So what does this mean for activism and protest? From only the first few weeks of his presidency it looks as though Trump either does not see value in protests, or he directly chooses to ignore the people’s voice when implementing his legislative agenda. Either way, the very way change is made in our country is changing, and we as active citizens must evaluate this shift while deciding our next moves. Protesting for our country has always been a method used to raise the voice of the common man against controversial agendas. However, for the next four years, could protesting be enough to implement the change we actually want to see? A voice is just that — a voice — when it is not followed up with definitive action and long term goals. Social justice groups, alongside their protests, must look for windows of opportunity that arise from both current events and collaboration with policy makers in order to enact concrete change in their areas of interest.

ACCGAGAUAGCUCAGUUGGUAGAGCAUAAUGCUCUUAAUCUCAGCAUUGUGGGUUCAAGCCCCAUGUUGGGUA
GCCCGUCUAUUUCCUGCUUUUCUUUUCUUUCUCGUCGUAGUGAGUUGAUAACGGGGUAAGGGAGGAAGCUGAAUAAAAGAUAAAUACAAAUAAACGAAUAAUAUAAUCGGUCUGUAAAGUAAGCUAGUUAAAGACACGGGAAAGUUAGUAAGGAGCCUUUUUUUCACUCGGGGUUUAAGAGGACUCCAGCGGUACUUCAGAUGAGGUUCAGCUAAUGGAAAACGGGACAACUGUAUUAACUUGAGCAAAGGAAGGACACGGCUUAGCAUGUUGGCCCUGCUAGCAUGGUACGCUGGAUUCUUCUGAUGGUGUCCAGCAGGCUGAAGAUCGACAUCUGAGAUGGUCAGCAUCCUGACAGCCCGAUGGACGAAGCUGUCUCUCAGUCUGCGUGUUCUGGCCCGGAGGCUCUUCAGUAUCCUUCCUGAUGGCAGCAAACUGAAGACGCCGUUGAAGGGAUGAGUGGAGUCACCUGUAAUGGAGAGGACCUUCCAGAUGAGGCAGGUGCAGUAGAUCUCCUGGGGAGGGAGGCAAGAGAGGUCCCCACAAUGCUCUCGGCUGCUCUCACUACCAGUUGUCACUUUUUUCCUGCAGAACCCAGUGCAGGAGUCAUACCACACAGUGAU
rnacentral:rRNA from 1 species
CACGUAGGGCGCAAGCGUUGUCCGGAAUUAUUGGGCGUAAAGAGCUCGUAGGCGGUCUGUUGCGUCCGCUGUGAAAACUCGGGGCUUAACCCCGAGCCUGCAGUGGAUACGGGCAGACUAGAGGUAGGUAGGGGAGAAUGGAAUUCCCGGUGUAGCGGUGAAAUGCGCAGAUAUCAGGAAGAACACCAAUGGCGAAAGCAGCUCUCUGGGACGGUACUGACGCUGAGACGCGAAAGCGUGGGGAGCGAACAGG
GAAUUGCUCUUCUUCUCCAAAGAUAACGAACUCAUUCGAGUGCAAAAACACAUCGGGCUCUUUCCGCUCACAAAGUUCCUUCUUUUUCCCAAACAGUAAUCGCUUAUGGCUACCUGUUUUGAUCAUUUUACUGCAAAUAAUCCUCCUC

If activists hope to manifest their long term goals, they must also look at the political hand they have been dealt and take the administration’s agenda into account in order to find the most effective angles to persuade legislators and politicians to amplify that voice.

During his inaugural address, Trump stated that with his election, “We are not merely transferring power from one administration to another, or from one party to another — but we are transferring power from Washington, D.C. and giving it back to you, the American People.”[14] With this said, over the coming months we will watch to see if he sticks to this promise, and we as those citizens must attempt to hold him accountable to that promise. Whether through traditional rallies or new, alternative methods of combating controversial legislation, we must implement our voice where it is heard the loudest and apply tactics that make it impossible for the new administration to ignore our protests.

 

Sources

[1] “Following Women’s Marches, Republicans Target Reproductive Rights.” MSNBC, January 25, 2017.